I know in my heart of hearts that when the light of communism experienced as ultimately unbounded creative freedom (i.e. love) is finally unconcealed with the final dissolution of the omni-cloud of this racist and patriarchal techno-capitalist world-order, we would feel as if we were returning to a home we never left in the first place. Never having even left the warmth of mother’s arms, we would be like an innocent baby waking from a horrible nightmare, only to find herself always-already where she had sought sacred refuge during those trying times: suckling on dear mommy’s bosom.

2 Replies to “On the Mutual Non-existence of Capitalism and Communism”

  1. I liked this piece both for its sentiments and for the rigour in it’s argument; but, over all, I am unsettled by it’s reliance on a synchronic structure that has the effect of excluding the concept of experiential unfolding, historical process and material motion from the analysis. Of course it is possible to utilise thinking in this way to good effect but I think as a general tendency it often produces a contemplative orientation, over and against the active or “practical” side of thought – that is thought that is sensuously grounded in the actual or concrete conditions of existence of human beings in their historical, material and singular immediacy.

    This is also one of the difficulties I have with Laruelle’s thought, despite it’s aspiration to defend and advance the “human” in opposition to in-human and de-humanised operations at the philosophical, ideological and/or economic level. Such thinking, it is true, offers a sense of logical coherence but at the expense of a conceptual reduction of the entangled, inter-related, complex, and dynamic situations in which we find ourselves embedded and from which we think and act.

    All and all, and after a lot of conceptual struggle, I tend more and more to gravitate away from such modes of thinking and towards a more pragmatic, process orientated and material stance that engages with thinking transversally across multiple experiential domains. Such thinking allows one to do justice to the synchronic, noetic or transcendental mode, without losing sight of it’s material, historical, sensuous and practical dimensions.

    That said, it is possible perhaps to move between the diachronic and the synchronic as we see fit, or to engage both by way of a dialectical synthesis. But there is a devils advocate whispering in my ear about incoming tides and what time does to out conceptual castles.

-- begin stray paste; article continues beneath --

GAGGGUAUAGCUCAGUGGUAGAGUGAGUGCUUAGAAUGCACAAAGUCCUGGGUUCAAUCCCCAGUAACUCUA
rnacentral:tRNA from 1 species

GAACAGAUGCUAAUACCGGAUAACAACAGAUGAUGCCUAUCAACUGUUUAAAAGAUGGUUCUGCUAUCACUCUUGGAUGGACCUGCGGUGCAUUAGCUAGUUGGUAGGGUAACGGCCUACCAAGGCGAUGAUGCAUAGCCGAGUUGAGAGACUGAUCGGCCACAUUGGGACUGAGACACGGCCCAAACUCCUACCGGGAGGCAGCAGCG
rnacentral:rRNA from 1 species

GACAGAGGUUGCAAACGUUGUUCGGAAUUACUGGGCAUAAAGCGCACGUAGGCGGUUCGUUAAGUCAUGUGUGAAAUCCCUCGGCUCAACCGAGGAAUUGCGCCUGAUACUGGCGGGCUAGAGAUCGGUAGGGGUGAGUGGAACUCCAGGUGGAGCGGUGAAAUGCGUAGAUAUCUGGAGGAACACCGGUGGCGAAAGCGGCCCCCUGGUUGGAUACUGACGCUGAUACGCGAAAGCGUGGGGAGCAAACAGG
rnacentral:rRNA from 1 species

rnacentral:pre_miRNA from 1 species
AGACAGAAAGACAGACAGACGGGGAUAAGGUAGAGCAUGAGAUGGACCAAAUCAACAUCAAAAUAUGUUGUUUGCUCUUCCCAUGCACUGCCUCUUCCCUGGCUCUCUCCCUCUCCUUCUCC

2. Just by chance, I followed a link and came upon one of your previous posts. Instead of writing my comment I could have quoted you :
    “But following Whitehead and Buddhism, the fundamental basis of reality is not a thingly substance, but a living process— the process of coming into being together, what Buddhism calls “Pratītyasamutpāda” or dependent co-arising: all dharmas (phenomena) come into being in dependence on all other dharmas; everything connects to and influences everything else, there is nothing behind or beneath phenomena that exists independently of them. This inter-dependent relationship of togetherness is the “transcendental condition” or the condition that makes possible, of the creative advance into novelty….In order to establish the liberation and free development of Commoning, and to realize the emancipation of the repressed feminine in actual practice, we need to fundamentally reevaluate what it means to Be. To Be is to be supported by active participation with all others—Being is Becoming. The question is not, “to be or not to be”, but rather: what can we become? And since Being is only possible as an abstracted part of the Becoming of the concrete whole, there is no real basis by which something can exist independently of everything else in order to be endowed with the property of ownership, whether that be an independent thing that is owned or an independent agent who can own.”
    I wonder now whether I jumped the gun and missed a crucial aspect of your latest post. Or maybe what unsettles me is actually a problem of my own. At the moment I am trying to formulate my attitude to Laruelle’s overall project. ( despite my own “investment” in his ideas over the past few years). I cannot escape the conclusion that, in general, his stance is overly synchronic in its approach and too dismissive and simplistic regarding the symbiotic relation between biological and social processes and the idea of inter-dependent co-production or “dependent origination”, all of which are lumped together as “decisionist” philosophical posits.
    For me, the crucial thing is to try to do justice to the idea of interdependent processes while not subsuming the freedom afforded by the thinking subject to creatively “become” both in relation to it’s own processes and the collective or shared circumstance of it’s interactions with the other forms of sentient life and the material processes that together bring the “human” into “being”.